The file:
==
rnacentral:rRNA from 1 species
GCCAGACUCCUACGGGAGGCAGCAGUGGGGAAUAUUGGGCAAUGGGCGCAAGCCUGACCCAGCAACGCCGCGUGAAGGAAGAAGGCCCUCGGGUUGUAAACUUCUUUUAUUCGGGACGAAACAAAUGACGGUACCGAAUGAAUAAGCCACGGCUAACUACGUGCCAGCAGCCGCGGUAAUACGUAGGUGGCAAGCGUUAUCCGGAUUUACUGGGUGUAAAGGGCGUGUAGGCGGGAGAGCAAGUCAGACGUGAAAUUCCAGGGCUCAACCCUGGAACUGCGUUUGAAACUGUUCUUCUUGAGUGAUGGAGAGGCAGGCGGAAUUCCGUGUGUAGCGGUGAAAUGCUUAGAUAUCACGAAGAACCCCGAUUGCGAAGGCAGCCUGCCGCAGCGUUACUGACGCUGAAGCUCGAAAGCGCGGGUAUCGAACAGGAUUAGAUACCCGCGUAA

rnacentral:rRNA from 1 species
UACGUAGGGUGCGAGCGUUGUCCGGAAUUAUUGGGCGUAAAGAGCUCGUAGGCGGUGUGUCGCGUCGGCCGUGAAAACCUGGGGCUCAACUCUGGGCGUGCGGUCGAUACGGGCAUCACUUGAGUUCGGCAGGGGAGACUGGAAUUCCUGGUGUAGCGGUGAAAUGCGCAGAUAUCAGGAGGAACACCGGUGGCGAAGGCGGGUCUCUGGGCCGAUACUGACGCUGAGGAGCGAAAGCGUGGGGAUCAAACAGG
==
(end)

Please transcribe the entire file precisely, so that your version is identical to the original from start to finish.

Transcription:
rnacentral:rRNA from 1 species
GCCAGACUCCUACGGGAGGCAGCAGUGGGGAAUAUUGGGCAAUGGGCGCAAGCCUGACCCAGCAACGCCGCGUGAAGGAAGAAGGCCCUCGGGUUGUAAACUUCUUUUAUUCGGGACGAAACAAAUGACGGUACCGAAUGAAUAAGCCACGGCUAACUACGUGCCAGCAGCCGCGGUAAUACGUAGGUGGCAAGCGUUAUCCGGAUUUACUGGGUGUAAAGGGCGUGUAGGCGGGAGAGCAAGUCAGACGUGAAAUUCCAGGGCUCAACCCUGGAACUGCGUUUGAAACUGUUCUUCUUGAGUGAUGGAGAGGCAGGCGGAAUUCCGUGUGUAGCGGUGAAAUGCUUAGAUAUCACGAAGAACCCCGAUUGCGAAGGCAGCCUGCCGCAGCGUUACUGACGCUGAAGCUCGAAAGCGCGGGUAUCGAACAGGAUUAGAUACCCGCGUAA

rnacentral:rRNA from 1 species
UACGUAGGGUGCGAGCGUUGUCCGGAAUUAUUGGGCGUAAAGAGCUCGUAGGCGGUGUGUCGCGUCGGCCGUGAAAACCUGGGGCUCAACUCUGGGCGUGCGGUCGAUACGGGCAUCACUUGAGUUCGGCAGGGGAGACUGGAAUUCCUGGUGUAGCGGUGAAAUGCGCAGAUAUCAGGAGGAACACCGGUGGCGAAGGCGGGUCUCUGGGCCGAUACUGACGCUGAGGAGCGAAAGCGUGGGGAUCAAACAGG